Premier of Ontario Photography
In British Columbia, where the race for the May 9 provincial election is heating up, the NDP has called for a $15 minimum wage in the province by 2021. This is a good move, and one that progressive people across Canada should get behind.
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On December 7th, Premier Wynne was joined by four of her cabinet colleagues for an announcement about a unique agreement for "Community Benefits" for the Eglinton Crosstown transit project. The room was crowded with representatives from Metrolinx, the builder, community groups and unions.
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This Labour Day over twenty-five thousand union members will march on the streets of Toronto with the Labour Council to celebrate the achievements of the labour movement. It is the largest parade on Labour Day in North America -- a testament to the determination of workers to mark our place in Canada's largest urban centre.
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The workers and tradespeople who make up the oilsands sector have been hard hit by the recent oil slump. But a new group that is launching today is aiming to put oilsands workers back to work in the renewable energy sector and are calling on the Alberta government for support. Iron and Earth is a non-profit led by oilsands workers who want retrain 1000 electrical workers on 100 different solar projects.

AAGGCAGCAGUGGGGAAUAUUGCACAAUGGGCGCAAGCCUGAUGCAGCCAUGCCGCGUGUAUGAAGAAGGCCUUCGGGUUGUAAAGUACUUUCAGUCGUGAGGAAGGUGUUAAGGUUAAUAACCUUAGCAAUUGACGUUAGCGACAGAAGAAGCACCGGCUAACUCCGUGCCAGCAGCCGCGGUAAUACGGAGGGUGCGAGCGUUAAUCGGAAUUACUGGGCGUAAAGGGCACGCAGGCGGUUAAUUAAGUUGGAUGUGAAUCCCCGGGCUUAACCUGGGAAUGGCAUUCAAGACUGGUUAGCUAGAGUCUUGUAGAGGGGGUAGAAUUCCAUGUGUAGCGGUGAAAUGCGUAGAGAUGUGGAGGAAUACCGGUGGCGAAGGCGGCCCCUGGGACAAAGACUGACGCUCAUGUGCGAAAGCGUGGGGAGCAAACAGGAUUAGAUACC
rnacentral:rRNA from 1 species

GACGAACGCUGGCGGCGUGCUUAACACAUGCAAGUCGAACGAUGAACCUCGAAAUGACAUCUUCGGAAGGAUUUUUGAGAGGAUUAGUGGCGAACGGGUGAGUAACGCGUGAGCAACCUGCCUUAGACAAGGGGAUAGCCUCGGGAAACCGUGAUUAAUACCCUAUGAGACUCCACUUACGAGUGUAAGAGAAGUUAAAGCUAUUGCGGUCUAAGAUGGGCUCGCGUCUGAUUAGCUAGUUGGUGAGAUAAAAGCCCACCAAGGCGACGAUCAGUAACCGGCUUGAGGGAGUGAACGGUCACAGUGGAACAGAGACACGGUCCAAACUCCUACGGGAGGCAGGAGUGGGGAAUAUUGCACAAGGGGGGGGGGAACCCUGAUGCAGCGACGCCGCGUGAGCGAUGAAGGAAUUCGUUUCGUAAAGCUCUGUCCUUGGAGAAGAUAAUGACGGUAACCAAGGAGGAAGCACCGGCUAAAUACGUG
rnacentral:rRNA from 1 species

Millions of workers across Ontario lack access to paid sick days and job protection. For many, taking a sick day is simply not an option. This gap in access to an important protection disproportionately affects people in low-wage jobs and precarious work, a sure signal about the unfairness of employment standards.
Every year on October 7 workers around the globe recognize the World Day for Decent Work. It reminds us of the current and constant downward pressure placed on workers, as incomes stagnate, as wealth concentrates in the hands of the privileged few and as jobs become more insecure and more precarious.
Taken as a whole, very high CEO to worker pay ratios can signal systemic wealth disparity. CEO pay has been outstripping executive and worker pay year over year by a wide margin because of structural issues related to "peer group benchmarking" (the very way CEOs are paid). This structural pay inequity is unrelated to CEO performance.
In every case, the government's anti-union measures are a solution in search of a problem. They are a transparent attempt to damage the financial viability of trade unions and they lay bare the hypocrisy of Conservative parties and governments who, while professing a commitment to streamline useless red tape for Canadian businesses, are ideologically driven to create a choking amount of red tape for trade unions.
The recent changes to the employment insurance (EI) system implemented by the Conservative government continue to fuel discontent in the eastern provinces of Canada. Under the new rules, frequent user...